Way back in January, when 2010 still had that showroom fresh smell we released Presentation Virtualization Solutions whitepaper; the year wasn’t half way through before that was updated and its being defrosted as we speak to enable updates going into 2011. Its been an eventful year for Presentation Virtualization. Continue reading Presentation Virtualization, a year in review
It is the last few days of the year and time for a review of virtualization 2010. Although VMware was founded in 1998 it was not until 2001 that I first heard of VMware and played with the Workstation product to be able to run different flavors of Linux. So for me, 2010 closes out a great year in virtualization as a whole as well as a decade of virtualization… and what a ride it has been!
Staying focused on 2010 we have had a few things that have been worthy to note. This year we have moved past defining what a “cloud” is and really starting to discuss how we are going to “secure the cloud.” The term “cloud computing” still leads the way as one of the biggest buzz word with most all people and companies now having heard of it are planning one way or another on deployment options into their own environments. One thing for sure is the need for fully qualified individuals to maintain and designs the clouds moving forward. Continue reading Virtualization Review 2010
My conference schedule kept pace with the changes in the virtualization security ecosystem throughout the year. What are those changes?
- Auditors were educated at an ISACA event in Florida about the intrinsic security of most modern Type-1 hypervisors. Through out the year we saw auditors educated and becoming more involved in virtualization and cloud security. The advent of CloudAudit and the ISACA and other educational events surrounding virtualization have increased through out the year. Continue reading Virtualization Security: Year in Review
For an IT department these are perilous times indeed. All around you public cloud vendors are offering IT services on an easy to procure, elastic and often inexpensive basis. Many of the developers in your organization may have already concluded that getting resources provisioned for development and test projects is easier at Amazon.com than it is through your internally offered processes. If you are aware that this is happening you can console yourself by saying, “it is only development – not production”, but you should wonder what should you do to make sure that those workloads come back when they do go into production. Continue reading IT as a Service Reference Architecture
Open Source continues to be an important part of the mix in Virtualization and Cloud. Indeed, this year has seen major developments in established players at the Operating System and Hypervisor level, as well as a major new cloud entry at the IaaS cloud layer. Continue reading Open Source Year in Review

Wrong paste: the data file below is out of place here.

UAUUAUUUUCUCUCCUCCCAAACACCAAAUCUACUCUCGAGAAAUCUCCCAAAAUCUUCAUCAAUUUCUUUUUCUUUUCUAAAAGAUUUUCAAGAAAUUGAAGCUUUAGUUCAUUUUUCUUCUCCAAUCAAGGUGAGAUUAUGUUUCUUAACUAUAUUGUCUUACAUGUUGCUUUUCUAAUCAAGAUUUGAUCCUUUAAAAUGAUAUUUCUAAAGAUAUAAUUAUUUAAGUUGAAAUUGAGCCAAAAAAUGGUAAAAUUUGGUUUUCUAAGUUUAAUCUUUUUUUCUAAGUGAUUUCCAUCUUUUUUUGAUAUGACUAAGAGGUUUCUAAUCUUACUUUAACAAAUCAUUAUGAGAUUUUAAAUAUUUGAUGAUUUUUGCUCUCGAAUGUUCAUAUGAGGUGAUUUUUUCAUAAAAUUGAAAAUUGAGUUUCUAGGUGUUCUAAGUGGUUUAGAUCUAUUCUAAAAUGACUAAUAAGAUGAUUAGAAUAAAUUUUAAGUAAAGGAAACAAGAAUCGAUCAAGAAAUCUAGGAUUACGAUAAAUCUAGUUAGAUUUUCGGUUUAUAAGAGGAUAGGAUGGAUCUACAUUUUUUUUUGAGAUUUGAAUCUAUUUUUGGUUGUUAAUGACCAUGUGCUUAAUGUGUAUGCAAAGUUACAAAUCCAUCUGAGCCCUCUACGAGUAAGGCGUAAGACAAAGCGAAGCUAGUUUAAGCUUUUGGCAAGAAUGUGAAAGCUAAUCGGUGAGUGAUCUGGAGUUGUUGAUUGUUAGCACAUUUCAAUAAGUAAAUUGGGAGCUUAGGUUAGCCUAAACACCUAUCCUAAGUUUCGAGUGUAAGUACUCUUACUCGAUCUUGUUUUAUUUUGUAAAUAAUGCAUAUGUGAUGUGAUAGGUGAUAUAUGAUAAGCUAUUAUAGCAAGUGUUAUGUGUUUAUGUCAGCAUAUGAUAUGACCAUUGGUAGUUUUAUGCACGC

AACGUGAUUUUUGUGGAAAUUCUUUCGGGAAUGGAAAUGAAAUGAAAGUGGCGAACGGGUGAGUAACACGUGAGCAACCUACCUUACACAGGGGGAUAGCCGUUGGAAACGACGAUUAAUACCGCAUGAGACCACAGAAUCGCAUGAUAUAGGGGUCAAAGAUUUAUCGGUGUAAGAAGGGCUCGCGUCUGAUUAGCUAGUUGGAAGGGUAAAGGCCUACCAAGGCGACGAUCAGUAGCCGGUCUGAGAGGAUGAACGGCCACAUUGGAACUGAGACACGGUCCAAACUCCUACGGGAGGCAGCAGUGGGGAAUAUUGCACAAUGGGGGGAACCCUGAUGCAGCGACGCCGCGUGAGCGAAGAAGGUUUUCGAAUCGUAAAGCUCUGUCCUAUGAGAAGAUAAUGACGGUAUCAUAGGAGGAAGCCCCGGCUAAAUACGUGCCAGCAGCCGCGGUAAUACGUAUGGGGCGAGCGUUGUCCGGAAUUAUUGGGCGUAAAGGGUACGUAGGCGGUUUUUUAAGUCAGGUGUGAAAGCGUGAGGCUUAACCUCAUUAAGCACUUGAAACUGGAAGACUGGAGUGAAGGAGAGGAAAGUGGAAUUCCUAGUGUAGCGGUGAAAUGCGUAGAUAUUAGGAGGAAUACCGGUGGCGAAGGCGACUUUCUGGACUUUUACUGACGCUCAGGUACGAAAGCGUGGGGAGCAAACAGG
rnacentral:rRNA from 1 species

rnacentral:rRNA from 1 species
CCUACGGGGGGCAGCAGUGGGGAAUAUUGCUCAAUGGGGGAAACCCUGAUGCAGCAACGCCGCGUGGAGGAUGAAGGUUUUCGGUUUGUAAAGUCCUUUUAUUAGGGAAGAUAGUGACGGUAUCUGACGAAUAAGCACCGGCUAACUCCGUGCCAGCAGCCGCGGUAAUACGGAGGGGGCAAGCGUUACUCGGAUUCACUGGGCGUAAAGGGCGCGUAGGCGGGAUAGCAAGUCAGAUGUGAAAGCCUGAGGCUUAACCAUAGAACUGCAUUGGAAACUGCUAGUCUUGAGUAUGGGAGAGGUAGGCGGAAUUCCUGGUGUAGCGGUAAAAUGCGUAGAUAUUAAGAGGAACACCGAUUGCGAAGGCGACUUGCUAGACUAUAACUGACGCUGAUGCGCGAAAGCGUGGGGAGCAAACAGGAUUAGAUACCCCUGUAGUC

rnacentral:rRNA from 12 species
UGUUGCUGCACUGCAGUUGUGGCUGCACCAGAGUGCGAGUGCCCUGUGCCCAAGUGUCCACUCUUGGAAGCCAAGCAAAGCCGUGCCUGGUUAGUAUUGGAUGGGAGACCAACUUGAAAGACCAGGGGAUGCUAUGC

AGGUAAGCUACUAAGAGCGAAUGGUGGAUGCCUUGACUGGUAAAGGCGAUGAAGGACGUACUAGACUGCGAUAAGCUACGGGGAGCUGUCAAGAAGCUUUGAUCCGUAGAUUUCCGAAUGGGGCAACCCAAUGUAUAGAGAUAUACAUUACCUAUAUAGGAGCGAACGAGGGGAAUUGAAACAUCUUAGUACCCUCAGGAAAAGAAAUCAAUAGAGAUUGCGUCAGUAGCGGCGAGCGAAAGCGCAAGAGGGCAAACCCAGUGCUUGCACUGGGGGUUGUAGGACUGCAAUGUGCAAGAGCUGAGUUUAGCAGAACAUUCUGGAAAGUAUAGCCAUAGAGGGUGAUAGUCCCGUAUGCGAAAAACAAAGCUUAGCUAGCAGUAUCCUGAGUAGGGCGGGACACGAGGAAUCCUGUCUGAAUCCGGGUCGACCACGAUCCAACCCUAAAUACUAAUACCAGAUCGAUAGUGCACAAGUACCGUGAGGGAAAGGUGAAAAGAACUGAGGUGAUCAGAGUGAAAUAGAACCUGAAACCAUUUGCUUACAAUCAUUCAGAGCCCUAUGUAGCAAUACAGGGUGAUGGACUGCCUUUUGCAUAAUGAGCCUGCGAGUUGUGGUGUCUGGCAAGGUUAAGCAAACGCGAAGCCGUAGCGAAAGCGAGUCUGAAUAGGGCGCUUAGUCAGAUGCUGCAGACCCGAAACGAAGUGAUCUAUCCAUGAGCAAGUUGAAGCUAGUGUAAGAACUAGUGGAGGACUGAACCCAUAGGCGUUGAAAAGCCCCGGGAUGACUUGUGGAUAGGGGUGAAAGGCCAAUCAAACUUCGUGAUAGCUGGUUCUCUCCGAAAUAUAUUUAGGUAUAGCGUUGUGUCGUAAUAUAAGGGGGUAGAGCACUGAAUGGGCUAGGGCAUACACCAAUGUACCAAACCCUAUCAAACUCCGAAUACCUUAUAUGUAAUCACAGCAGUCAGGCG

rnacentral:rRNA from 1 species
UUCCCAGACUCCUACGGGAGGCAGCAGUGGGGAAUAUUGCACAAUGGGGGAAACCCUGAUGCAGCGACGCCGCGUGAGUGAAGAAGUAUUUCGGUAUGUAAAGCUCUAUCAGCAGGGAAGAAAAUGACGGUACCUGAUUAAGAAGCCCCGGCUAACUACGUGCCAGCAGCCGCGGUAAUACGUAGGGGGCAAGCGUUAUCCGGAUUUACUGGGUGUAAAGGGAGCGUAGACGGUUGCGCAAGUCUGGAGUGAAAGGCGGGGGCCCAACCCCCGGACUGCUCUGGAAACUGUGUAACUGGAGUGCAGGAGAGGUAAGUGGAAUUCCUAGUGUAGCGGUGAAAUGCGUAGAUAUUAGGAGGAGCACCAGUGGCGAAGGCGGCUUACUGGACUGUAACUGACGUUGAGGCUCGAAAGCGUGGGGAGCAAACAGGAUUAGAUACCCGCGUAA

It has been said before desktop virtualization can be hard. The virtual desktop may have become real, but it is not mainstream. Is this because current virtual desktop deployment models are not mature enough, or the models are flawed?
Desktop management is expensive if it is unmanaged on a LAN: it is most expensive when those unmanaged desktops are distributed (be it across regional offices, or roaming users, or both). Centralisation can reduce these costs, putting you in a position where the IT you manage enables, rather than disables, the business. However, centralisation of desktop services is costly.
Centralisation solutions either focus on solutions that require a large investment in data-centre resources (such as Desktop Virtualization or Presentation Virtualization), or require you to separate management functions and duplicate administrative effort (mix VDI with A.N Other solution). UniDesk, for example, have looked to re-invent how centralised virtualised desktops are managed; MokaFive and VirtualComputer have enterprise ready options for managing workspace delivery to devices but there is a requirement to deploy and manage a hypervisor on the end device. If your goal is to manage what you have better to reduce your costs – do you have to have hypervisors; do you have to remote your desktop?
Wanova have developed a Distributed Desktop Virtualization (DDV) solution – Mirage – with which they look to solve issues of desktop management with distributed environments, without the need for hypervisors, without the need for expensive data-centre resources and remoting protocols. In this article we’ll take a look at the challenges of desktop delivery, how Mirage works and how can it impact your desktop management.
By definition, a Mirage is a displaced image of distant objects, rather than an hallucination. Can Wanova offer the facility to deliver virtualised desktops to disparate devices – or are they just making it up?